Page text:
Chesco: Drug Take Back Day is Sat.

Chester County’s Department of Drug & Alcohol Services is raising community awareness for National Prescription Drug Take Back Day taking place on Saturday, April 29th. Organized nationwide by the Drug Enforcement Administration (DEA), National Prescription Drug Take Back Day provides local sites for safe, convenient and responsible means of disposing of prescription drugs, while educating the public about the potential for abuse of medications.

From 10:00 a.m. to 2:00 p.m. on Saturday, April 29nd, temporary prescription drug disposal sites will be set up throughout Chester County, in locations including Avondale, Berwyn, Coatesville, Downingtown, Kennett Square, Malvern, Phoenixville and West Grove. These temporary sites will join the 23 permanent drug disposal sites throughout the county.

“Prescription drug abuse is an ever-growing epidemic nationwide, and Chester County is not immune to the problem,” said Vince Brown, Executive Director of the Chester County Department of Drug & Alcohol Services. “Current estimates are that nearly 35,000 people in Chester County are suffering from some sort of substance use disorder which occurs when a person uses a drug or alcohol substance and the use results in physical, behavioral, or social problems at school, work or home”.

Commonly abused prescription drugs fall into three different categories: opioids, which are pain relievers and have a similar chemical make up as heroin; sedatives, which are used to treat anxiety and depression; and stimulants, which increase attention, energy, blood pressure, heart rate and breathing rate.

According to the Substance Abuse and Mental Health Services Administration (SAMHSA), the average age for the first use of prescription drugs in the United States is 13 years old. Prescription drugs are often mistaken by adolescents as a “safe” alternative to illegal street drugs, which leads to increasing use, and they are easily accessible in medicine cabinets.

“In order to decrease first time use of prescription drugs, it is imperative to begin with prevention efforts,” added Vince Brown. “In addition to education and awareness, prescription drug abuse prevention includes locking up or monitoring prescription medications that are in the home and disposing of any unneeded or expired prescription medications at a medication collection box.”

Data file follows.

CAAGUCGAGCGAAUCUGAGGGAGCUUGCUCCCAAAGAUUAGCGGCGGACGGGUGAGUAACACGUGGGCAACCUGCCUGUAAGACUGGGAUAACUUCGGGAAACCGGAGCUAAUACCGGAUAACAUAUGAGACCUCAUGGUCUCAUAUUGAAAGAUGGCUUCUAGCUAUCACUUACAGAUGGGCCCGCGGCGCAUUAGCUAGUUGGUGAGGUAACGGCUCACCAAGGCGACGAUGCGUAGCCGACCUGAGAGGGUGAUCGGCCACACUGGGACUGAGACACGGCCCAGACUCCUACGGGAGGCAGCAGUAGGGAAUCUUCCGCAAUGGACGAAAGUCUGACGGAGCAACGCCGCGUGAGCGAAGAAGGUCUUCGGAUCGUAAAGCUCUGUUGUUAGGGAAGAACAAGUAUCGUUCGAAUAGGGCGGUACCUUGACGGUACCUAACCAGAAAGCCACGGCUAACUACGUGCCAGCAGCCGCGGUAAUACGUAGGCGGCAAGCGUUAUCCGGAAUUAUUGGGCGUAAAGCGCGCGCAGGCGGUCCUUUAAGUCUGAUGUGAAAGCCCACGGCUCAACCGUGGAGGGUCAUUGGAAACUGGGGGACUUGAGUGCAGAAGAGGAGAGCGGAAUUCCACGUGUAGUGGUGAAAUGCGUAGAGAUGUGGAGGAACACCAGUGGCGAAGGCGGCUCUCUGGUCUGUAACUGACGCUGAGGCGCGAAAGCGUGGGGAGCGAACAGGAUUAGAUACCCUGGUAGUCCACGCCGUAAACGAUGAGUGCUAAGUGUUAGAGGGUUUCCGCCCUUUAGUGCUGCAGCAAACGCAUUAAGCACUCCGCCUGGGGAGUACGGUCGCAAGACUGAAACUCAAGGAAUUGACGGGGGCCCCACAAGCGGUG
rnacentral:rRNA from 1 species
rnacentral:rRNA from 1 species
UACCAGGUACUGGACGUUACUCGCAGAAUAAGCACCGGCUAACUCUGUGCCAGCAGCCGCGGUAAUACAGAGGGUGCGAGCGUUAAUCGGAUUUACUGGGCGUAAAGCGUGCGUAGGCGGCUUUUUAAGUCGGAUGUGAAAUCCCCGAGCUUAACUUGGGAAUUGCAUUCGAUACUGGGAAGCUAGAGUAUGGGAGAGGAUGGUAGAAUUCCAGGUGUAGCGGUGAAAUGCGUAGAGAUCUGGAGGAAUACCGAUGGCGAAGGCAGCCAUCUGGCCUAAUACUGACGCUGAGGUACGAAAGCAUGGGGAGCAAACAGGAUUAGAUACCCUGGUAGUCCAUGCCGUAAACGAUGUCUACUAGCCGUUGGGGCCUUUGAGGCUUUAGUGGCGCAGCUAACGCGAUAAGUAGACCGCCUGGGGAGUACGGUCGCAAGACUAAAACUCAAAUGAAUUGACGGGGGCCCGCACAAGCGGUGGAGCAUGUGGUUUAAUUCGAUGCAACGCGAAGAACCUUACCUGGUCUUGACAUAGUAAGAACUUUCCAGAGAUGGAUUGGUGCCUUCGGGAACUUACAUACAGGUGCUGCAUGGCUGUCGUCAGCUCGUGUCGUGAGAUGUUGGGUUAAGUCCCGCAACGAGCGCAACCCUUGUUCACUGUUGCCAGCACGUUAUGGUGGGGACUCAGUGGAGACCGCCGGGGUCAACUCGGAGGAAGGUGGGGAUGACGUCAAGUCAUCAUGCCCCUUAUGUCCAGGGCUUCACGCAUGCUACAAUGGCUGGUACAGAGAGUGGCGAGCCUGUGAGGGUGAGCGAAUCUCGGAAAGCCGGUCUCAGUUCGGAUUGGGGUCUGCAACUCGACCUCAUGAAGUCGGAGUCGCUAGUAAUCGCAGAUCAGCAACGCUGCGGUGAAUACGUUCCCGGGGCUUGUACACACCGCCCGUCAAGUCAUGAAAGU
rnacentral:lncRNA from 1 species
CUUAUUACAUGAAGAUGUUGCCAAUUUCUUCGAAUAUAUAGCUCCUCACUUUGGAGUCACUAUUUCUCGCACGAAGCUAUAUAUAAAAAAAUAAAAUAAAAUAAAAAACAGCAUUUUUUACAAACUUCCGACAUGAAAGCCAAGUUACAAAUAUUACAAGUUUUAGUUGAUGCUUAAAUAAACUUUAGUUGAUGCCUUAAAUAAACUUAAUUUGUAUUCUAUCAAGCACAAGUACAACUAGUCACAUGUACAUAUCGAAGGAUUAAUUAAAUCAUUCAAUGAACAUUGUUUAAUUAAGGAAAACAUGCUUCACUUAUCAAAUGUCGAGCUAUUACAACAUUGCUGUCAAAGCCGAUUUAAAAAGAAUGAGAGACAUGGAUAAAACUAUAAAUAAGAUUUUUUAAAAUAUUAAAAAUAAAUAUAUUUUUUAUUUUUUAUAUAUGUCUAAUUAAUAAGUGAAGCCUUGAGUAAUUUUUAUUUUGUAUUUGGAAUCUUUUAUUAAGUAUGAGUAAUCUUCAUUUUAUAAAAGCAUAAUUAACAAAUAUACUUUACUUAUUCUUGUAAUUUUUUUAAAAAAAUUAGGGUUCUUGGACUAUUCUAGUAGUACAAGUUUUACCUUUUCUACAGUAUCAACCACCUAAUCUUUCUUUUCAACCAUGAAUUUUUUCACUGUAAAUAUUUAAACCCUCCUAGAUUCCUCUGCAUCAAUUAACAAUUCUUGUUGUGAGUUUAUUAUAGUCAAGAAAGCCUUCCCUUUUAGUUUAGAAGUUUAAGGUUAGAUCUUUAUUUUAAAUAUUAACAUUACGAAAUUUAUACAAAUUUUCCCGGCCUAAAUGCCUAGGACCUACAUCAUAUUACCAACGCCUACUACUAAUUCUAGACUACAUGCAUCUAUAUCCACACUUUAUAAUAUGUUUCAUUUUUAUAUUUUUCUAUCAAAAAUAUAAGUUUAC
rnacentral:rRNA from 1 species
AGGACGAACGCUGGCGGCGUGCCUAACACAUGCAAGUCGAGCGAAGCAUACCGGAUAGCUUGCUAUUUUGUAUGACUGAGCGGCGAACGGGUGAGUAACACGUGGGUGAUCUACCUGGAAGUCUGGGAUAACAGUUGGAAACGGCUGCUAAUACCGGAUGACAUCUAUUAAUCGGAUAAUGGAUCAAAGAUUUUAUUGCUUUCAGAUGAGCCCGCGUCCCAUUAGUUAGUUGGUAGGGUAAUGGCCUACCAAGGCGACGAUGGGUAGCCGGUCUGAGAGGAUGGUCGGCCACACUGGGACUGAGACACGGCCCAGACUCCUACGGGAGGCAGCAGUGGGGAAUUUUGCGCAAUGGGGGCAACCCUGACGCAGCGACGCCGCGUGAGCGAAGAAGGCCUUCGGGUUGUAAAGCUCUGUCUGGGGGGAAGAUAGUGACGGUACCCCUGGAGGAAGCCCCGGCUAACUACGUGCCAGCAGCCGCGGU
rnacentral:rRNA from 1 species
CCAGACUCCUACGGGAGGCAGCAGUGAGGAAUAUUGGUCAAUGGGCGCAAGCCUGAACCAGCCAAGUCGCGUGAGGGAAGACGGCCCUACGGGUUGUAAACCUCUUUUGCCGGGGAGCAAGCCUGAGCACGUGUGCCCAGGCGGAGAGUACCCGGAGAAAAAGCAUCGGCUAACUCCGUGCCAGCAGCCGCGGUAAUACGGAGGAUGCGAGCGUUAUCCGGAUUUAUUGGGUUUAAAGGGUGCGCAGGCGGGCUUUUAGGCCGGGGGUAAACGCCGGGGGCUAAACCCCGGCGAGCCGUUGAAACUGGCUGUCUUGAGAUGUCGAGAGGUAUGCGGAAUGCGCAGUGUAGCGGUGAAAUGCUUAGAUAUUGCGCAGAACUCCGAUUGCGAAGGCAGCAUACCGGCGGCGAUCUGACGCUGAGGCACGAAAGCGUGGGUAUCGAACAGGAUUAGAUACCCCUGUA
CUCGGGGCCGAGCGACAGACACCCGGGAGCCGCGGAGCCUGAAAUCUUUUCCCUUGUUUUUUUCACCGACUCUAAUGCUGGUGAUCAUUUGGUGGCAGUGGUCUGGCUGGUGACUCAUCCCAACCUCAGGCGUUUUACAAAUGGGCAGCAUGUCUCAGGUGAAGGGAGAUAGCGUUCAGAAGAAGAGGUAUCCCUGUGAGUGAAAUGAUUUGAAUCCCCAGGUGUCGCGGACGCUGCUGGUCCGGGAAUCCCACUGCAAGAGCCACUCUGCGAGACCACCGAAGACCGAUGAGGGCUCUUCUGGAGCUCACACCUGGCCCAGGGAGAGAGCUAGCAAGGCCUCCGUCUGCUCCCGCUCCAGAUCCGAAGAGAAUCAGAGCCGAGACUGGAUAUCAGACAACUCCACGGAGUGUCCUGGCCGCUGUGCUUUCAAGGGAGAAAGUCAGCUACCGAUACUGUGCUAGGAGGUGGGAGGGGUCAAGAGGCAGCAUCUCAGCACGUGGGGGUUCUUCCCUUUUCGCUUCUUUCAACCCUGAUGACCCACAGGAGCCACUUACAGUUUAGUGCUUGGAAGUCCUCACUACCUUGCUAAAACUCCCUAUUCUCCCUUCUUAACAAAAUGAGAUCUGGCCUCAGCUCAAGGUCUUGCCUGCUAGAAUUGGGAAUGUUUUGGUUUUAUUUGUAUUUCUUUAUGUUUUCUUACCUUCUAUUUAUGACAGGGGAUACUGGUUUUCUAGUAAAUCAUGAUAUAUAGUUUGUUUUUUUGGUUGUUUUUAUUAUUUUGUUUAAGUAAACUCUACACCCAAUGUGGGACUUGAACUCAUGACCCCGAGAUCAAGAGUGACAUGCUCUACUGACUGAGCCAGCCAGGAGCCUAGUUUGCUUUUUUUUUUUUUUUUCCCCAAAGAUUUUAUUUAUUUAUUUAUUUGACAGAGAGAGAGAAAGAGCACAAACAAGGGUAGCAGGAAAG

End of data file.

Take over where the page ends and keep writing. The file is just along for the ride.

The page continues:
Collection boxes for prescription drugs in Chester County are at 23 permanent locations, and for National Prescription Drug Take Back Day on April 29th, an additional 10 temporary locations will be established. For a full list of permanent locations, go to, and for temporary locations, go to

Medication collection boxes are just one of the several prevention, education and awareness initiatives undertaken by Chester County to combat the opioid and heroin epidemic plaguing the region.

In 2015, the Chester County Overdose Task Force was created bringing together the Chester County Commissioners’ Office, the District Attorney’s Office, the Health Department, the Department of Drug and Alcohol Services and many other County and community partners to address the opioid epidemic by sharing education, awareness, and innovative ideas.

Last November, over 750 people of all ages participated in the first Color 5k Run/Walk which raised $25,000. The funds were donated to Chester County’s five hospitals for their warm hand-off program, transitioning those who have been saved from an overdose into long-term treatment, while also educating and supporting the individual and their family.

The Narcotics Overdose Prevention and Education (NOPE) Task Force, a project of Holcomb Behavioral Health Systems in partnership with the Chester County District Attorney’s Office, has presented to over 40,000 middle and high school students and over 1,000 parents and community members educating on the dangers of prescription drugs.

Good Fellowship Ambulance & EMS has trained 46 municipal police department in Chester County to carry Naloxone, a live saving opioid antidote that reverses an opioid overdose. In addition to training the police departments, Good Fellowship provided 300 kits of Naloxone to trained police officers from Chester County. Since the program’s inception in January 2015, there have been 165 administrations of Naloxone resulting in 156 saves, which is a 95 percent success rate.

Chester County’s Department of Drug and Alcohol Services wants to ensure that residents are aware of the drug and alcohol treatment services and resources available for both the insured and uninsured. Insurance holders, including Medicaid, should call the number listed on the back of the insurance card to receive information accessing drug and alcohol services. Uninsured individuals can call one of the following agencies for help: Gaudenzia Coatesville (Coatesville) – 610-383-9600; Mirmont Outpatient (Exton) – 484-565-1130; Holcomb Behavioral Health Systems (Kennett Square) – 610-388-9225; Creative Health Services (Phoenixville) – 610-933-1223; Gaudenzia West Chester (West Chester) – 610-429-1414.

For more information and resources, visit the Chester County Department of Drug & Alcohol Services website:, or call the Chester County Information and Referral line at 866-286-3767.

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